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From: Webster's Revised Unabridged Dictionary (1913)

 Side n.
 1. The margin, edge, verge, or border of a surface; especially (when the thing spoken of is somewhat oblong in shape), one of the longer edges as distinguished from the shorter edges, called ends; a bounding line of a geometrical figure; as, the side of a field, of a square or triangle, of a river, of a road, etc.
 3. Any outer portion of a thing considered apart from, and yet in relation to, the rest; as, the upper side of a sphere; also, any part or position viewed as opposite to or contrasted with another; as, this or that side.
 Looking round on every side beheld
 A pathless desert.   --Milton.
 4. (a) One of the halves of the body, of an animals or man, on either side of the mesial plane; or that which pertains to such a half; as, a side of beef; a side of sole leather. (b) The right or left part of the wall or trunk of the body; as, a pain in the side.
    One of the soldiers with a spear pierced his side.   --John xix. 34.
 5. A slope or declivity, as of a hill, considered as opposed to another slope over the ridge.
    Along the side of yon small hill.   --Milton.
 6. The position of a person or party regarded as opposed to another person or party, whether as a rival or a foe; a body of advocates or partisans; a party; hence, the interest or cause which one maintains against another; a doctrine or view opposed to another.
    God on our side, doubt not of victory.   --Shak.
    We have not always been of the . . . same side in politics.   --Landor.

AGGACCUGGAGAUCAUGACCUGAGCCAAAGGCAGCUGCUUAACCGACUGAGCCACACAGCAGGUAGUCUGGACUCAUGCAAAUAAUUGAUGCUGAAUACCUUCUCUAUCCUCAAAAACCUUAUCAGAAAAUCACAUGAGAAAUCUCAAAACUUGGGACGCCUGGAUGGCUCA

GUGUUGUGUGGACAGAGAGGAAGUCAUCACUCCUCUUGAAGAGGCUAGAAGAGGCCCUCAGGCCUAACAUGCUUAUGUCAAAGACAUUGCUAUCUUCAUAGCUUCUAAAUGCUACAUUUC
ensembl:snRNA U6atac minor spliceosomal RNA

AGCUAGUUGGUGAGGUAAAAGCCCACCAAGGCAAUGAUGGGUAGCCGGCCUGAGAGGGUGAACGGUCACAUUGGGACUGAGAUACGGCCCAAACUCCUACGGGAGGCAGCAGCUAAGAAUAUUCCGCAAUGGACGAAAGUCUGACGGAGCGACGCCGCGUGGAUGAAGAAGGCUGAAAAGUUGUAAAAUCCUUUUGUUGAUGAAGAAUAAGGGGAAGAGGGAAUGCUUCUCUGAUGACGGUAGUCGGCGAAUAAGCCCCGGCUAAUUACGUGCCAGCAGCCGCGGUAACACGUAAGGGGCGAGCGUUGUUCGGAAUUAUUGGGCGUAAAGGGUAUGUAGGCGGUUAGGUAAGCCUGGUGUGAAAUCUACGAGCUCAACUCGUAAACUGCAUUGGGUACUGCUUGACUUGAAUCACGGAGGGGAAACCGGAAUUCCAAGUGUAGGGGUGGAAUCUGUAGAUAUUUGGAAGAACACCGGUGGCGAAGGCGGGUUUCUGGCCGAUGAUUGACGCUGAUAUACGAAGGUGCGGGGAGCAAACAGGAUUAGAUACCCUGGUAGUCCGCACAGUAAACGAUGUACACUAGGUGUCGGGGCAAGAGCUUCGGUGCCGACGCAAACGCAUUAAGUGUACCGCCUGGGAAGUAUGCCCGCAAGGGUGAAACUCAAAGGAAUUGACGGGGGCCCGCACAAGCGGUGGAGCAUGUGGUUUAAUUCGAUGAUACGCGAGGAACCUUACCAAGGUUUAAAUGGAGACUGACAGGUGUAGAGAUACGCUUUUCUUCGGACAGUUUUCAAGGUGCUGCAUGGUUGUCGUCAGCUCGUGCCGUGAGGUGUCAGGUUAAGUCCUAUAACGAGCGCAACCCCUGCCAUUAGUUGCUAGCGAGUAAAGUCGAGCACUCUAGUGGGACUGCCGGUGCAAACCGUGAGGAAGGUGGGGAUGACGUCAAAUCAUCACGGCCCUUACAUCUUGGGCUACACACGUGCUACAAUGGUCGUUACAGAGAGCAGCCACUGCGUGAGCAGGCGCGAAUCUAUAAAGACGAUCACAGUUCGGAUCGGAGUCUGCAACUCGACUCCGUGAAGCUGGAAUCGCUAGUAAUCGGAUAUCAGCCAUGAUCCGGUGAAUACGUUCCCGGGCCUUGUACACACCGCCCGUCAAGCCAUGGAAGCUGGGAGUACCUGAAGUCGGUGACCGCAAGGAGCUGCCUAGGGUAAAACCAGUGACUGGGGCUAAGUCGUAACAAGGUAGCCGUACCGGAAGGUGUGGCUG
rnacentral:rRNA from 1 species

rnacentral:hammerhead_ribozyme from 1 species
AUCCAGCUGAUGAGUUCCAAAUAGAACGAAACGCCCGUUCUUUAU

Sets the passions on the side of truth.   --Pope.
 7. A line of descent traced through one parent as distinguished from that traced through another.
 To sit upon thy father David's throne,
 By mother's side thy father.   --Milton.
 8. Fig.: Aspect or part regarded as contrasted with some other; as, the bright side of poverty.
 By the side of, close at hand; near to.
 Exterior side. Fort. See Exterior, and Illust. of Ravelin.
 Interior side Fort., the line drawn from the center of one bastion to that of the next, or the line curtain produced to the two oblique radii in front. --H. L. Scott.
 Side by side, close together and abreast; in company or along with.
 To choose sides, to select those who shall compete, as in a game, on either side.
 To take sides, to attach one's self to, or give assistance to, one of two opposing sides or parties.

From: Webster's Revised Unabridged Dictionary (1913)

 Choose v. t. [imp. Chose p. p. Chosen Chose (Obs.); p. pr. & vb. n. Choosing.]
 1. To make choice of; to select; to take by way of preference from two or more objects offered; to elect; as, to choose the least of two evils.
    Choose me for a humble friend.   --Pope.
 2. To wish; to desire; to prefer. [Colloq.]
    The landlady now returned to know if we did not choose a more genteel apartment.   --Goldsmith.
 To choose sides. See under Side.
 Syn: - To select; prefer; elect; adopt; follow.
 Usage: -- To Choose, Prefer, Elect. To choose is the generic term, and denotes to take or fix upon by an act of the will, especially in accordance with a decision of the judgment. To prefer is to choose or favor one thing as compared with, and more desirable than, another, or more in accordance with one's tastes and feelings. To elect is to choose or select for some office, employment, use, privilege, etc., especially by the concurrent vote or voice of a sufficient number of electors. To choose a profession; to prefer private life to a public one; to elect members of Congress.